Epizootic infection (clinically apparent) When Sendai is introduced into a colony for the first time it is usually clinically apparent. The virus spreads quickly and affects the colony much worse than in an enzootic infection. Signs of illness will be and without treatment the mortality rate can be severe. Cessation of breeding and proper quarantine will eliminate active Sendai infection.
If breeding continues through the illness the viral infection becomes sub clinical yet remains active as long as it is perpetuated by the constant addition of new babies/rats.
IDEXX RADIL offers a newer test: MFI (Multiplex Fluorescent Immunoassay) which is more sensitive. Have your veterinarian contact the testing facility for instructions on collecting and sending the blood sample.
During a viral event broad-spectrum antibiotics are given to the exposed rats to treat the, often fatal, secondary opportunistic bacterial infections. Usually that approach works well. However, there are times when the bacteria involved is resistant. A culture and sensitivity test can ensure that the antibiotics given are appropriate.
If the rat is not responding then switching to a different antibiotic(s) or increasing dosages may be necessary.
In the event there is an outbreak, quarantining the entire colony will ensure that the disease is not spread to other rats and/or colonies.
If you have been around (not necessarily handling) rats you may want to avoid going straight back to your own colony. SV does not survive for more than 3 hours away from its host. Upon returning it may help to remove your clothing, clear your nasal passages, and shower before spending time with your own rats.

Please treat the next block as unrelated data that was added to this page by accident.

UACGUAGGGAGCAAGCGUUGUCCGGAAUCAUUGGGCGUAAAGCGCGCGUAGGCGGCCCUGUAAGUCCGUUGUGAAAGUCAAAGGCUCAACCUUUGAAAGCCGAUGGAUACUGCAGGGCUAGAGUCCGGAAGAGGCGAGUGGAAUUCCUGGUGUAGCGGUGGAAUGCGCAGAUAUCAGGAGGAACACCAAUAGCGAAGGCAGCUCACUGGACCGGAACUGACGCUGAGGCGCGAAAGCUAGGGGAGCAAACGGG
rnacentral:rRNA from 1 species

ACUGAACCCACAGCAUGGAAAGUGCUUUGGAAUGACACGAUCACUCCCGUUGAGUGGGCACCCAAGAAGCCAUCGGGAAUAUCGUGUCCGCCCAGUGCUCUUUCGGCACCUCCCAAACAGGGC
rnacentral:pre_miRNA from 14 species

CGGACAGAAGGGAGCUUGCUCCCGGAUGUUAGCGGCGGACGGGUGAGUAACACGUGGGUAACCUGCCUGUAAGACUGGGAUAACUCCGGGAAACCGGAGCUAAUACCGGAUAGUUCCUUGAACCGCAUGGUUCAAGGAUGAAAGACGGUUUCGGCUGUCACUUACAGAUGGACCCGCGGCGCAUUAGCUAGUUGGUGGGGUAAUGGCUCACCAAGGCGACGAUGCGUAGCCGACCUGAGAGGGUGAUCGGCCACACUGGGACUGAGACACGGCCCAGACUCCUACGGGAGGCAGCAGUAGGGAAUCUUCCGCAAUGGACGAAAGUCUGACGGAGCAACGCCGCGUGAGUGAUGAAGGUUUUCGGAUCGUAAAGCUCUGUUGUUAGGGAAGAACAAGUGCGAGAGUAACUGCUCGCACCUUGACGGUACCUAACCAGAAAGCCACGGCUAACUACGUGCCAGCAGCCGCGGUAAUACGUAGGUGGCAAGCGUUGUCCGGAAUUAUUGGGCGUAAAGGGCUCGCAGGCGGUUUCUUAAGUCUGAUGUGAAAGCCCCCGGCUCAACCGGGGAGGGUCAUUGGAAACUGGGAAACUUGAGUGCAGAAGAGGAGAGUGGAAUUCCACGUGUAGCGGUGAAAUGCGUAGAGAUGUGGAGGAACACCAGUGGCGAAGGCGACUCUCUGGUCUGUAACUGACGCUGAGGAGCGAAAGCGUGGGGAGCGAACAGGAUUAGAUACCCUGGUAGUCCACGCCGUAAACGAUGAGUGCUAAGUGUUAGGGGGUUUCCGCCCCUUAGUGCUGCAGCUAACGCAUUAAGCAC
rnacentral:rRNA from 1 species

If you get new rats or your rats have been exposed to other rats two-week quarantine at a separate location will be helpful lessening any risk of your colony being infected with SV.
If an outbreak occurs it is often useful to contact others whose rats may have been exposed so that they may treat immediately and not perpetuate the virus.
Note: A formalin-killed SV vaccine was developed in the 1980s. It involved repeated dosing to show any effectiveness at all. For the most part the research has not been continued. Sendai is rarely an issue in many labs at this time.
Quarantine for a single rat would be 3-4 weeks. For a non-breeding group the quarantine would be 6-8 weeks after recovery.
In a breeder colony the quarantine is much longer. The involvement of babies (nursing at onset of infection) increases out the time frame. These babies will be protected by maternal antibodies (4-8 weeks) and may become infected later. When babies are involved the quarantine time is roughly 3-4 months. During this time there should be no additional breeding, no rats in, and no rats out.
It is possible to expedite the quarantine to a 2-month time frame by removing and pet placing, in rat-free homes only so as to not spread the disease, all young babies and pregnant females. All breeding must be suspended and no rats should enter the colony as they will not only be susceptible to the illness but will perpetuate the disease.
Posted on July 21, 2005, 17:53,
Last updated on September 8, 2012, 19:55